Amid the frenzied voices about a bubble in startup valuations in India, here is one that calms. Roopa Kudva, the head of Omidyar Network in India, says things have settled down. She also talks about her two chequebooks. Excerpts from an interview
Why two chequebooks?
We have two. If you are for profit, we are like any other VC (venture capital firm). If you are not for profit, we give you a grant.
How do you balance the two?
We have no target. Roughly, it’s half and half. There are certain sectors, and activities, and organisations which you can fund only by grants. But when you want scale, when you can come up with business models that can generate revenue and profit, we bring out the equity chequebook. But even when we invest in equity, we invest only in organisations that we believe can create an impact.
So who gets which cheque?
We work in five areas: financial inclusion, consumer Internet and mobile, education, property rights, and governance and citizen engagement. Typically, governance and citizen engagement and property rights will be more of grants. Education, some grants and some equity. And the other two are like venture equity.
How do you look at Alibaba’s troubles in China?
They have more to do with the China issue. So far as investing in India is concerned, there is a lot of money chasing startups. What becomes important is to be disciplined as an investor.
How do you define discipline for an investor?
The first evaluation we do is, is this a strategic fit. For Omidyar, sector-level change is very important. In financial inclusion, we say five things are important: digital payments, alternate assessments using new forms of data, can you assess a person using who she receives telephone calls from, how do you offer a range of products in an innovative manner to the under served, and increasing access to funds for SMEs. Being disciplined is staying true to these theses. Anything outside, we will not invest.
The second level of being disciplined is evaluation of fundamentals. Are you backing someone with good ideas, vision? We are early-stage investors. We take risk. Assessing the quality of the entrepreneur becomes very important.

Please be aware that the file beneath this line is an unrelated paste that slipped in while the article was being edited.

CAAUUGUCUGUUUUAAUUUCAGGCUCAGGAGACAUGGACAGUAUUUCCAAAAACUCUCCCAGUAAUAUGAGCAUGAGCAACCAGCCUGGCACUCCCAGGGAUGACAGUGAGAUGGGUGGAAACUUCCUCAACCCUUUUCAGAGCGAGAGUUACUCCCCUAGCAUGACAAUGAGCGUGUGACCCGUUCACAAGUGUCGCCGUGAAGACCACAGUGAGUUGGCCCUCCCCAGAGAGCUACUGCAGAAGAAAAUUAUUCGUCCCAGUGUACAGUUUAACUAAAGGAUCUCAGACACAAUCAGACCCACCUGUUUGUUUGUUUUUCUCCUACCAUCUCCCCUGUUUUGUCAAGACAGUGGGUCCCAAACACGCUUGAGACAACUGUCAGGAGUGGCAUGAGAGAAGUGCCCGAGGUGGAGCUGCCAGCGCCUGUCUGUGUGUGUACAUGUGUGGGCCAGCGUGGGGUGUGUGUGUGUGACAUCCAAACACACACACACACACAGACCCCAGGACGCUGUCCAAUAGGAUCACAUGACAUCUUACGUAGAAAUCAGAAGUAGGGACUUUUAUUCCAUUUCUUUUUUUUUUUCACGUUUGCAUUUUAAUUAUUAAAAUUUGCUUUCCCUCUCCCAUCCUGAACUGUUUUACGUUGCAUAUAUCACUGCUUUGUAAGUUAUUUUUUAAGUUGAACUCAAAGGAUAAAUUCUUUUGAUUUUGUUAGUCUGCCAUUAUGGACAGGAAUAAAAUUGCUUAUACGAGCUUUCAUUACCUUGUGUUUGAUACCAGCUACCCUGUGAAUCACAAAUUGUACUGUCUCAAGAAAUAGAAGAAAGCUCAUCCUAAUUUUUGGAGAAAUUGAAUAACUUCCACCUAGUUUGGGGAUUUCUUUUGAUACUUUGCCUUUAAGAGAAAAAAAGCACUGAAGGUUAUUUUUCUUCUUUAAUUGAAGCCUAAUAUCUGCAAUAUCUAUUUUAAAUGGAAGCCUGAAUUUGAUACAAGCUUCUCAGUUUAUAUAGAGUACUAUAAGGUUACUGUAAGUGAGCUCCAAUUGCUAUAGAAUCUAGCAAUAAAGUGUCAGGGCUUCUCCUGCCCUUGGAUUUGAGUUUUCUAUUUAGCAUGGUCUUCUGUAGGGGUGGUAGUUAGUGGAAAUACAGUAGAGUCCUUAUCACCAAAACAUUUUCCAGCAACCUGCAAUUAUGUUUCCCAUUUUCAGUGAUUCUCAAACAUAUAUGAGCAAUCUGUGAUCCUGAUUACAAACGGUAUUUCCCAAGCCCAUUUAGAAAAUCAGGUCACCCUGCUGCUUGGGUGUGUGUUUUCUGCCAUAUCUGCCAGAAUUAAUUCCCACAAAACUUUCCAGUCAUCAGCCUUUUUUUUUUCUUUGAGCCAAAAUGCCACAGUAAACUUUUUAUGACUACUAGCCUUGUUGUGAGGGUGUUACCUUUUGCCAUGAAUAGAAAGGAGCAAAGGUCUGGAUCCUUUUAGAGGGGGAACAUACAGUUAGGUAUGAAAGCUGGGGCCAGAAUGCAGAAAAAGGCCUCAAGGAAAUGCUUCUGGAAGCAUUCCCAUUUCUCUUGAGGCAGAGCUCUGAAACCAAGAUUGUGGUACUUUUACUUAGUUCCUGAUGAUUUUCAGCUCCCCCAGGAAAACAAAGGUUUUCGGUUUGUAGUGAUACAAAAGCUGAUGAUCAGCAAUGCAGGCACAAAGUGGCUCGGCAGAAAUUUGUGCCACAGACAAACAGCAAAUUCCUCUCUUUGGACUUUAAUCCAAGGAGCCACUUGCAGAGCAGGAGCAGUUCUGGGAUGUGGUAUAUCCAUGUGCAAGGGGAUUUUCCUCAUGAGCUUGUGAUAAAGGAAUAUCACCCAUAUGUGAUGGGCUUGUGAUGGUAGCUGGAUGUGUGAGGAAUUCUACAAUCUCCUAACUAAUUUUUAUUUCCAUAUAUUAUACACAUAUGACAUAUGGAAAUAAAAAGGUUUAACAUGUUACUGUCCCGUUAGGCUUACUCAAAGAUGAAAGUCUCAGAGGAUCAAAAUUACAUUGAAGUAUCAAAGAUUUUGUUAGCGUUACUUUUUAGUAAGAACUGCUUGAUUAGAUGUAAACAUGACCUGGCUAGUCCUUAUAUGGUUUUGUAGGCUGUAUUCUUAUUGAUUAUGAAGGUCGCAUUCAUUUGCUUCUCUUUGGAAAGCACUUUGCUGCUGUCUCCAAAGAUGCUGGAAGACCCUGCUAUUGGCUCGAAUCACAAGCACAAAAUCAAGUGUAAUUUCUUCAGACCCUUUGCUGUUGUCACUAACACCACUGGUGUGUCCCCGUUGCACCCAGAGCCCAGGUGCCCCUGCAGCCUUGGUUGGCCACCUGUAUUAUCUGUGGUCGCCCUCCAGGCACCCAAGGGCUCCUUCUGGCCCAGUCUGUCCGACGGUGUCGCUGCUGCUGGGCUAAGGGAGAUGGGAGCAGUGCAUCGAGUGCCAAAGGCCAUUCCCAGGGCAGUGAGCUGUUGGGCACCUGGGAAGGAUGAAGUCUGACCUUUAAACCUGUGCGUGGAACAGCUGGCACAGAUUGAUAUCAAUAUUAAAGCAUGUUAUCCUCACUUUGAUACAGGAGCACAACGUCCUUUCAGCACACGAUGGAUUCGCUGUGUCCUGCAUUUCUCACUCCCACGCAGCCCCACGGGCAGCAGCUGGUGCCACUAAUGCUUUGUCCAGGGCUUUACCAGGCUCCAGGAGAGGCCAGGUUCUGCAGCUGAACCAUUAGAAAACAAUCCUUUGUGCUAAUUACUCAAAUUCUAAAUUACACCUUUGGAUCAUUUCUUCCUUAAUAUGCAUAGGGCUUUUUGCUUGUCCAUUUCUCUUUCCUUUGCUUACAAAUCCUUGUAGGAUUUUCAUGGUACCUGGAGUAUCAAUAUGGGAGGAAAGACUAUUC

The third thing is valuation. You should be willing to say ‘no’ and walk away.
Is there a science to assessing valuation?
Great question. Very difficult to do in a startup, because there are no numbers. You are also funding ideas and innovative entrepreneurs, so no parallels for comparison. If an idea is new, if it is a platform enabler for providing home services, which gives employment to carpenters, painters, electricians, and services to the middle class, there will be 10 people entering the space. Then it is a question of who will succeed. That is a function of how deeply they understand the problem, and what is their approach to solving it.
Problem solving is a good bet to make, isn’t it?
If a guy is solving a problem with vision and tenacity, then yes. Chances are you will succeed.
Is there a bubble in startup valuations in India?
I wouldn’t call it. There has been some froth, no doubt. Some sectors have received a lot of money, such as hyper local. But things have cooled down there. You have seen part of the cycle playing out in some areas. In some areas, a lot of hedge funds have gone out. We have seen some cooling happening, particularly in segments that were getting overheated.
Having said that, some things are coming up that’s interesting. If a new idea can have a lot of entrepreneurs coming in, that’s not a bad thing. That is the world of startups. Several people try to solve a problem in different ways. Some shut down, some survive. What we see in India is not abnormal.
Do we need more appetite for failure?
You need more risk capital.